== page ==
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Determinants of Nutritional Outcomes of Children in India: A Quantile Regression Approach


  • Kandpal, Eeshani
  • McNamara, Paul E.


In this paper, we use quantile regressions on data from the 2005-06 wave of the Indian National Family Health Survey to study the determinants of child body-mass-index, height-for-age, and hemoglobin at different points of the conditional distribution. Our results show that only considering the conditional mean of the entire distribution can yield misleading results. In light of compelling evidence on sex-selective abortion and infanticide, we use a Heckman correction for our quantile regression to control for the “underreporting” of female births documented by Rose (1999). We find that household maternal health and education have larger effects at the lower end of the distribution than on the upper end, for all three child nutritional indicators. Results show that iron supplements are less effective at increasing hemoglobin levels in the worst-off children. We argue that policy interventions must account for socioeconomic diversity or have little hope of meeting their target.

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  • Kandpal, Eeshani & McNamara, Paul E., 2009. "Determinants of Nutritional Outcomes of Children in India: A Quantile Regression Approach," 2009 Annual Meeting, July 26-28, 2009, Milwaukee, Wisconsin 49415, Agricultural and Applied Economics Association.
  • Handle: RePEc:ags:aaea09:49415

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    1. Das Gupta, Monica & Lokshin, Michael & Gragnolati, Michele & Ivaschenko, Oleksiy, 2005. "Improving child nutrition outcomes in India : can the integrated child development services be more effective?," Policy Research Working Paper Series 3647, The World Bank.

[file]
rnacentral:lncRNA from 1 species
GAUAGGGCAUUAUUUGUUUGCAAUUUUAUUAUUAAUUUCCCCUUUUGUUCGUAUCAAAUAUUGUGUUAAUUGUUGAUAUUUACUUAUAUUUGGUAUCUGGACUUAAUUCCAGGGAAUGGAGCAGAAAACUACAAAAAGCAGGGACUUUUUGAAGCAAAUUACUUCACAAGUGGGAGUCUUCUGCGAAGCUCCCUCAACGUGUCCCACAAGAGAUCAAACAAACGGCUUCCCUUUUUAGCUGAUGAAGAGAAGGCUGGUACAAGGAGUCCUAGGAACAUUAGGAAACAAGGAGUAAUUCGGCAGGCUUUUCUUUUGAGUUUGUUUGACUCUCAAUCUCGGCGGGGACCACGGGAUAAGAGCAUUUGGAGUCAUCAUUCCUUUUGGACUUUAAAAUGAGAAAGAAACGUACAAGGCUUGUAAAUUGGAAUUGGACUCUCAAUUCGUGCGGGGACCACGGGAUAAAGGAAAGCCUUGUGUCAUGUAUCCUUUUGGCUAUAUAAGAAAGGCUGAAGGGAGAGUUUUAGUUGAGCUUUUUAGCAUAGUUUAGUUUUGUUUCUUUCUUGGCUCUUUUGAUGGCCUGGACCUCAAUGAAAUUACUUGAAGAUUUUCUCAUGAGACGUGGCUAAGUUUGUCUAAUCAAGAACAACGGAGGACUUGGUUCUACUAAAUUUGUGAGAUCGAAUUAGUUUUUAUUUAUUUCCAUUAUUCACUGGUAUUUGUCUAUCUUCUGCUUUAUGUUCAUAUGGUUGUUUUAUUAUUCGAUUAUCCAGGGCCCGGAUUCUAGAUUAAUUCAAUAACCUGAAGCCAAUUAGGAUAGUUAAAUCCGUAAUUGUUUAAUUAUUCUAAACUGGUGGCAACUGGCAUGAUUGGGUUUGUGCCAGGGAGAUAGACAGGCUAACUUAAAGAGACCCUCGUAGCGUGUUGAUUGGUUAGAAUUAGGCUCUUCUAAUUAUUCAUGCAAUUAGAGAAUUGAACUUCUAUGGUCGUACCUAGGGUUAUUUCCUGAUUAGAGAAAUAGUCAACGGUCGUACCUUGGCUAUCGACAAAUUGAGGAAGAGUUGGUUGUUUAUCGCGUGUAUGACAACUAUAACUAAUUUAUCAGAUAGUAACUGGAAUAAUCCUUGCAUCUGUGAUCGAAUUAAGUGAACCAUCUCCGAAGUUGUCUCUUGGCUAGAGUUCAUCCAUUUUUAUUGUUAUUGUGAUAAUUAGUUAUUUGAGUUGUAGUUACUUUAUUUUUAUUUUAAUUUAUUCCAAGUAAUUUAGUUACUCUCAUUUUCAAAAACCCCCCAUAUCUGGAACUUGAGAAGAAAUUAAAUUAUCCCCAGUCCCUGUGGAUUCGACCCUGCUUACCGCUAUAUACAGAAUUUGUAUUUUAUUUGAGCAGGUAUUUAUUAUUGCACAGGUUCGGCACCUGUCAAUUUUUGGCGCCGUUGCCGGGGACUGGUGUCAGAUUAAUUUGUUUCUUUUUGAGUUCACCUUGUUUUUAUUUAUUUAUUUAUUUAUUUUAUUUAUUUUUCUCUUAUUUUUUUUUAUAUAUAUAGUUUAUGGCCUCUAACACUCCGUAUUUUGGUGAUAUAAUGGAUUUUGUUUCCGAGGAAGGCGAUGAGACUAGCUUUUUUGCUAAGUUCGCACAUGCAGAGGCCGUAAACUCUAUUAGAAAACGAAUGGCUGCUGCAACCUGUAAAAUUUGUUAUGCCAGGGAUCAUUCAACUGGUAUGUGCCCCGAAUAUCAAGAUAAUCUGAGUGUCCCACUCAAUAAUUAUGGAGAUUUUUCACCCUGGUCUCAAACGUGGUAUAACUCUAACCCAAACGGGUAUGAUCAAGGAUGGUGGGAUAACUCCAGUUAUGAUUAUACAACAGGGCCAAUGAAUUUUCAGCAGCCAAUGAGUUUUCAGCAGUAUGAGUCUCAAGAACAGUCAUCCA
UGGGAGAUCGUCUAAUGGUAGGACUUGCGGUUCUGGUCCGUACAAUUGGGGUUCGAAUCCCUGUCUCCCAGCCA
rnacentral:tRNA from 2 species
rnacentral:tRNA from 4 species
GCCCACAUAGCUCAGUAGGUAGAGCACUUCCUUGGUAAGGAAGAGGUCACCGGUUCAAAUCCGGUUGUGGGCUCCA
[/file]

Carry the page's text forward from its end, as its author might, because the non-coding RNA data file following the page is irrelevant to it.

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    Cited by:

    1. Drescher, Larissa S. & Goddard, Ellen W., 2011. "Heterogeneous Demand for Food Diversity: A Quantile Regression Analysis," 51st Annual Conference, Halle, Germany, September 28-30, 2011 114484, German Association of Agricultural Economists (GEWISOLA).
    2. Katsushi S. Imai & Samuel Kobina Annim & Raghav Gaiha & Veena S. Kulkarni, 2012. "Does Women's Empowerment Reduce Prevalence of Stunted and Underweight Children in Rural India?," Discussion Paper Series DP2012-11, Research Institute for Economics & Business Administration, Kobe University, revised Dec 2012.
    3. Imai, Katsushi S. & Annim, Samuel Kobina & Kulkarni, Veena S. & Gaiha, Raghav, 2014. "Women’s Empowerment and Prevalence of Stunted and Underweight Children in Rural India," World Development, Elsevier, vol. 62(C), pages 88-105.
    4. Sweeney, Stuart & Davenport, Frank & Grace, Kathryn, 2013. "Combining insights from quantile and ordinal regression: Child malnutrition in Guatemala," Economics & Human Biology, Elsevier, vol. 11(2), pages 164-177.
    5. G. Naline & Brinda Viswanathan, 2016. "Revisiting the Determinants of Child Anthropometric Indicators in India Using Seemingly Unrelated Regressions Model," Working Papers 2016-143, Madras School of Economics,Chennai,India.
    6. Cavatorta, Elisa & Shankar, Bhavani & Flores-Martinez, Artemisa, 2015. "Explaining Cross-State Disparities in Child Nutrition in Rural India," World Development, Elsevier, vol. 76(C), pages 216-237.

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    Food Consumption/Nutrition/Food Safety; International Development;

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